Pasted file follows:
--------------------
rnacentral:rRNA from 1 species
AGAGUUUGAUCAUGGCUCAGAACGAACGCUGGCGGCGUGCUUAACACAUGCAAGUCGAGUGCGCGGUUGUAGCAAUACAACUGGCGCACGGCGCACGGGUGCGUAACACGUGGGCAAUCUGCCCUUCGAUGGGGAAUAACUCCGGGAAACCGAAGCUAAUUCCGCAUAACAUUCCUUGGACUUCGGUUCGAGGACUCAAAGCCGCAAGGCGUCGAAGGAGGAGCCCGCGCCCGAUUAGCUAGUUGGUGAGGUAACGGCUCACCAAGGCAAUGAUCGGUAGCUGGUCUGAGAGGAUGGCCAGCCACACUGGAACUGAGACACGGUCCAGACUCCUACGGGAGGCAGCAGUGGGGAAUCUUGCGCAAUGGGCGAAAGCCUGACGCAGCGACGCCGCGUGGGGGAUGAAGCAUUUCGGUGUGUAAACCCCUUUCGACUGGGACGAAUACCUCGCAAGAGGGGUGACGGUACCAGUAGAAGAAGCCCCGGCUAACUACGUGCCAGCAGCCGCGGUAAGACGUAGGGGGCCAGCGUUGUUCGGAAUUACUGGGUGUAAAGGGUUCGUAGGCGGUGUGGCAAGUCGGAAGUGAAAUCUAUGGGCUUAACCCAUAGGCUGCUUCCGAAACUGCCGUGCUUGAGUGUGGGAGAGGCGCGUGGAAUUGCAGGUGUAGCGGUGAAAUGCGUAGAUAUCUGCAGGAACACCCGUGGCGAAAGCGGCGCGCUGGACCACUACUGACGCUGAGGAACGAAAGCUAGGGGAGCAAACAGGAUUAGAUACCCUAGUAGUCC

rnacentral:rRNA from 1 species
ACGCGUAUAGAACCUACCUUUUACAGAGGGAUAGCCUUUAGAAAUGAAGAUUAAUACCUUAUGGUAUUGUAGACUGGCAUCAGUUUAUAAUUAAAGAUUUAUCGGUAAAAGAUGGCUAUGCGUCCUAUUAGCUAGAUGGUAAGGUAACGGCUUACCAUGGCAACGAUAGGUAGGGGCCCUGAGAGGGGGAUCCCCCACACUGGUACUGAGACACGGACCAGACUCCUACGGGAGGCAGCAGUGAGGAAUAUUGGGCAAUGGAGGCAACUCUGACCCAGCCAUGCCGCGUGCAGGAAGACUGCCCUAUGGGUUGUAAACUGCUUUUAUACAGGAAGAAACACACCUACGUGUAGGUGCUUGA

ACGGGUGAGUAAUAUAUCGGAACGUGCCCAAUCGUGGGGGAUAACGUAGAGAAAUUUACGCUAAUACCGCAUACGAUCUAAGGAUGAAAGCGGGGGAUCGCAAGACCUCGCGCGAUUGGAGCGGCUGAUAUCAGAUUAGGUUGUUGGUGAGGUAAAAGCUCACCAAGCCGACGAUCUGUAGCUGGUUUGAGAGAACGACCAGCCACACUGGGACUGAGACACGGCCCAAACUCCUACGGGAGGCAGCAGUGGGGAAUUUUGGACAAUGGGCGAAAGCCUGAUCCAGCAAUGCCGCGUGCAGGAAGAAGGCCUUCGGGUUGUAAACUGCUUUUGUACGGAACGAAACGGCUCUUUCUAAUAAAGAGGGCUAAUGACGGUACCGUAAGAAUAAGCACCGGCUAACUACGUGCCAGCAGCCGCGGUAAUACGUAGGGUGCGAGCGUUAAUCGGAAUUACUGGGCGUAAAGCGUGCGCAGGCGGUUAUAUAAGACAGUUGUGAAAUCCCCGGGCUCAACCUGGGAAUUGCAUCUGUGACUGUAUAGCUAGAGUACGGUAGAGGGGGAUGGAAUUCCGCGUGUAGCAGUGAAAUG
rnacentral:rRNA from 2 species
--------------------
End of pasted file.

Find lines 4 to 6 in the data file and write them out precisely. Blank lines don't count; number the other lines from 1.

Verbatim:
ACGCGUAUAGAACCUACCUUUUACAGAGGGAUAGCCUUUAGAAAUGAAGAUUAAUACCUUAUGGUAUUGUAGACUGGCAUCAGUUUAUAAUUAAAGAUUUAUCGGUAAAAGAUGGCUAUGCGUCCUAUUAGCUAGAUGGUAAGGUAACGGCUUACCAUGGCAACGAUAGGUAGGGGCCCUGAGAGGGGGAUCCCCCACACUGGUACUGAGACACGGACCAGACUCCUACGGGAGGCAGCAGUGAGGAAUAUUGGGCAAUGGAGGCAACUCUGACCCAGCCAUGCCGCGUGCAGGAAGACUGCCCUAUGGGUUGUAAACUGCUUUUAUACAGGAAGAAACACACCUACGUGUAGGUGCUUGA

ACGGGUGAGUAAUAUAUCGGAACGUGCCCAAUCGUGGGGGAUAACGUAGAGAAAUUUACGCUAAUACCGCAUACGAUCUAAGGAUGAAAGCGGGGGAUCGCAAGACCUCGCGCGAUUGGAGCGGCUGAUAUCAGAUUAGGUUGUUGGUGAGGUAAAAGCUCACCAAGCCGACGAUCUGUAGCUGGUUUGAGAGAACGACCAGCCACACUGGGACUGAGACACGGCCCAAACUCCUACGGGAGGCAGCAGUGGGGAAUUUUGGACAAUGGGCGAAAGCCUGAUCCAGCAAUGCCGCGUGCAGGAAGAAGGCCUUCGGGUUGUAAACUGCUUUUGUACGGAACGAAACGGCUCUUUCUAAUAAAGAGGGCUAAUGACGGUACCGUAAGAAUAAGCACCGGCUAACUACGUGCCAGCAGCCGCGGUAAUACGUAGGGUGCGAGCGUUAAUCGGAAUUACUGGGCGUAAAGCGUGCGCAGGCGGUUAUAUAAGACAGUUGUGAAAUCCCCGGGCUCAACCUGGGAAUUGCAUCUGUGACUGUAUAGCUAGAGUACGGUAGAGGGGGAUGGAAUUCCGCGUGUAGCAGUGAAAUG
rnacentral:rRNA from 2 species